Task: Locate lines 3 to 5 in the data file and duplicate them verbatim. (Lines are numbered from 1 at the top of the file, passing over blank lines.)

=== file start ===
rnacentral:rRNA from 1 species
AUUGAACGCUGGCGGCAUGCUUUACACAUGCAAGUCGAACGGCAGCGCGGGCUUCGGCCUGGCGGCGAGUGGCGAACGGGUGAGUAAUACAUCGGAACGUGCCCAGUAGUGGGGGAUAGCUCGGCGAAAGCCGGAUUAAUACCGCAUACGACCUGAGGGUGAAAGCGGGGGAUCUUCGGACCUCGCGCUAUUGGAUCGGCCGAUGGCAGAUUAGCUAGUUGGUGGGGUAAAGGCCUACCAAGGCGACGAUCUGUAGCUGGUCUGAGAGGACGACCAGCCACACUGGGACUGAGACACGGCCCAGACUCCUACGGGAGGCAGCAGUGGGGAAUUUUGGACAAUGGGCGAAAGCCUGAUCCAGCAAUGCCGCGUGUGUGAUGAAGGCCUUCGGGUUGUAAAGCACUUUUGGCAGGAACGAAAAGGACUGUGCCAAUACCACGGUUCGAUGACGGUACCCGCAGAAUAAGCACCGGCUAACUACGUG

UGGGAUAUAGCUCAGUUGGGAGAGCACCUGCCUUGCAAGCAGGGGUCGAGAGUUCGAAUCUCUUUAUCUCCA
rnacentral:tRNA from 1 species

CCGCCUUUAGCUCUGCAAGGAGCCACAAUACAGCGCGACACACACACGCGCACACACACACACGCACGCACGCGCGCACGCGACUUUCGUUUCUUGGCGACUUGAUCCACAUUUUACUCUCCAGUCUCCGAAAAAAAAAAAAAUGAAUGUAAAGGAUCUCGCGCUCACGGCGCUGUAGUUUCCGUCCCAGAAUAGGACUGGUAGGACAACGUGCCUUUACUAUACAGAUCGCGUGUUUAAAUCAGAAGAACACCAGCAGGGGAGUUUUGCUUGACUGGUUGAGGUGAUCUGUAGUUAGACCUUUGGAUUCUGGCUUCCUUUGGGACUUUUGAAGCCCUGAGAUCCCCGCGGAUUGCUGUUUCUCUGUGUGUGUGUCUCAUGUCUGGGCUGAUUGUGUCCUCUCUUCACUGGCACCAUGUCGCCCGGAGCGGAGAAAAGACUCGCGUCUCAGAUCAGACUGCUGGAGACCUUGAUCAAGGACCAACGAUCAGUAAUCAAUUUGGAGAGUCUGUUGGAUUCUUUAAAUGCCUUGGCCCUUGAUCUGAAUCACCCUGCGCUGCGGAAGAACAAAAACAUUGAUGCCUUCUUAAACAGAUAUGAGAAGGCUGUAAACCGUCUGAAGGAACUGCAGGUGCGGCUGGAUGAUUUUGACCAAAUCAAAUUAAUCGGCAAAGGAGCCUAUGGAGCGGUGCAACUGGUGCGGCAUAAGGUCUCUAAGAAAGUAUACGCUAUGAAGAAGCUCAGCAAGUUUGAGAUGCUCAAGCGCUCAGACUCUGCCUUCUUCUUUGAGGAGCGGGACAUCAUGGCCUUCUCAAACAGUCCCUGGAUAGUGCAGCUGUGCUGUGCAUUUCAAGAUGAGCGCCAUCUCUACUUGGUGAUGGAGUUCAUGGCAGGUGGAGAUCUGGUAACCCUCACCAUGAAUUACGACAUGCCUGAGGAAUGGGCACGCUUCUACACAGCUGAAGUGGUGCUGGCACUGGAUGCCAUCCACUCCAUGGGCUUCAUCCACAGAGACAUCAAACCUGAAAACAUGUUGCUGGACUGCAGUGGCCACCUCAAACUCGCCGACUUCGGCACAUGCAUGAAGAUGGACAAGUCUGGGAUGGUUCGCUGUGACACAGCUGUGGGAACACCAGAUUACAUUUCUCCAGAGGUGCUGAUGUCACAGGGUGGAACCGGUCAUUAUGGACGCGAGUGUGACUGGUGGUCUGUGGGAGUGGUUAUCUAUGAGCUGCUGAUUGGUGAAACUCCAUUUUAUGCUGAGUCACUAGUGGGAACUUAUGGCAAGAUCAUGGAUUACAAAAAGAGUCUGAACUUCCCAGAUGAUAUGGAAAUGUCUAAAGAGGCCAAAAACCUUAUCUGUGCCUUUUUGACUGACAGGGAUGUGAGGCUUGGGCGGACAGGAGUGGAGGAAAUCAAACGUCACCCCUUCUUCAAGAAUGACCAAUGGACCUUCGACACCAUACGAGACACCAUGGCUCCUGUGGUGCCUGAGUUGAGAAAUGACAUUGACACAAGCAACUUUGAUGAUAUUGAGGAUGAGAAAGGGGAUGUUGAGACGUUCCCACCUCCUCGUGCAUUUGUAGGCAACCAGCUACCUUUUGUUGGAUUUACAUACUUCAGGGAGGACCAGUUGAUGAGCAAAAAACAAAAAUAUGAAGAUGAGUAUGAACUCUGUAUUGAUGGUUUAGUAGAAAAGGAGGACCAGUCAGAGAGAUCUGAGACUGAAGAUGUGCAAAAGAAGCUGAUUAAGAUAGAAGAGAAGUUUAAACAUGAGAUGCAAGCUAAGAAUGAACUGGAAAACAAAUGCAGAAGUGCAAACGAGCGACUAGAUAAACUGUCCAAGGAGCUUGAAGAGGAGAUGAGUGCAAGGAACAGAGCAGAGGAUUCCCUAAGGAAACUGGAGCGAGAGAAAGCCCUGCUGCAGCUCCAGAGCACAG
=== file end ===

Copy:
UGGGAUAUAGCUCAGUUGGGAGAGCACCUGCCUUGCAAGCAGGGGUCGAGAGUUCGAAUCUCUUUAUCUCCA
rnacentral:tRNA from 1 species

CCGCCUUUAGCUCUGCAAGGAGCCACAAUACAGCGCGACACACACACGCGCACACACACACACGCACGCACGCGCGCACGCGACUUUCGUUUCUUGGCGACUUGAUCCACAUUUUACUCUCCAGUCUCCGAAAAAAAAAAAAAUGAAUGUAAAGGAUCUCGCGCUCACGGCGCUGUAGUUUCCGUCCCAGAAUAGGACUGGUAGGACAACGUGCCUUUACUAUACAGAUCGCGUGUUUAAAUCAGAAGAACACCAGCAGGGGAGUUUUGCUUGACUGGUUGAGGUGAUCUGUAGUUAGACCUUUGGAUUCUGGCUUCCUUUGGGACUUUUGAAGCCCUGAGAUCCCCGCGGAUUGCUGUUUCUCUGUGUGUGUGUCUCAUGUCUGGGCUGAUUGUGUCCUCUCUUCACUGGCACCAUGUCGCCCGGAGCGGAGAAAAGACUCGCGUCUCAGAUCAGACUGCUGGAGACCUUGAUCAAGGACCAACGAUCAGUAAUCAAUUUGGAGAGUCUGUUGGAUUCUUUAAAUGCCUUGGCCCUUGAUCUGAAUCACCCUGCGCUGCGGAAGAACAAAAACAUUGAUGCCUUCUUAAACAGAUAUGAGAAGGCUGUAAACCGUCUGAAGGAACUGCAGGUGCGGCUGGAUGAUUUUGACCAAAUCAAAUUAAUCGGCAAAGGAGCCUAUGGAGCGGUGCAACUGGUGCGGCAUAAGGUCUCUAAGAAAGUAUACGCUAUGAAGAAGCUCAGCAAGUUUGAGAUGCUCAAGCGCUCAGACUCUGCCUUCUUCUUUGAGGAGCGGGACAUCAUGGCCUUCUCAAACAGUCCCUGGAUAGUGCAGCUGUGCUGUGCAUUUCAAGAUGAGCGCCAUCUCUACUUGGUGAUGGAGUUCAUGGCAGGUGGAGAUCUGGUAACCCUCACCAUGAAUUACGACAUGCCUGAGGAAUGGGCACGCUUCUACACAGCUGAAGUGGUGCUGGCACUGGAUGCCAUCCACUCCAUGGGCUUCAUCCACAGAGACAUCAAACCUGAAAACAUGUUGCUGGACUGCAGUGGCCACCUCAAACUCGCCGACUUCGGCACAUGCAUGAAGAUGGACAAGUCUGGGAUGGUUCGCUGUGACACAGCUGUGGGAACACCAGAUUACAUUUCUCCAGAGGUGCUGAUGUCACAGGGUGGAACCGGUCAUUAUGGACGCGAGUGUGACUGGUGGUCUGUGGGAGUGGUUAUCUAUGAGCUGCUGAUUGGUGAAACUCCAUUUUAUGCUGAGUCACUAGUGGGAACUUAUGGCAAGAUCAUGGAUUACAAAAAGAGUCUGAACUUCCCAGAUGAUAUGGAAAUGUCUAAAGAGGCCAAAAACCUUAUCUGUGCCUUUUUGACUGACAGGGAUGUGAGGCUUGGGCGGACAGGAGUGGAGGAAAUCAAACGUCACCCCUUCUUCAAGAAUGACCAAUGGACCUUCGACACCAUACGAGACACCAUGGCUCCUGUGGUGCCUGAGUUGAGAAAUGACAUUGACACAAGCAACUUUGAUGAUAUUGAGGAUGAGAAAGGGGAUGUUGAGACGUUCCCACCUCCUCGUGCAUUUGUAGGCAACCAGCUACCUUUUGUUGGAUUUACAUACUUCAGGGAGGACCAGUUGAUGAGCAAAAAACAAAAAUAUGAAGAUGAGUAUGAACUCUGUAUUGAUGGUUUAGUAGAAAAGGAGGACCAGUCAGAGAGAUCUGAGACUGAAGAUGUGCAAAAGAAGCUGAUUAAGAUAGAAGAGAAGUUUAAACAUGAGAUGCAAGCUAAGAAUGAACUGGAAAACAAAUGCAGAAGUGCAAACGAGCGACUAGAUAAACUGUCCAAGGAGCUUGAAGAGGAGAUGAGUGCAAGGAACAGAGCAGAGGAUUCCCUAAGGAAACUGGAGCGAGAGAAAGCCCUGCUGCAGCUCCAGAGCACAG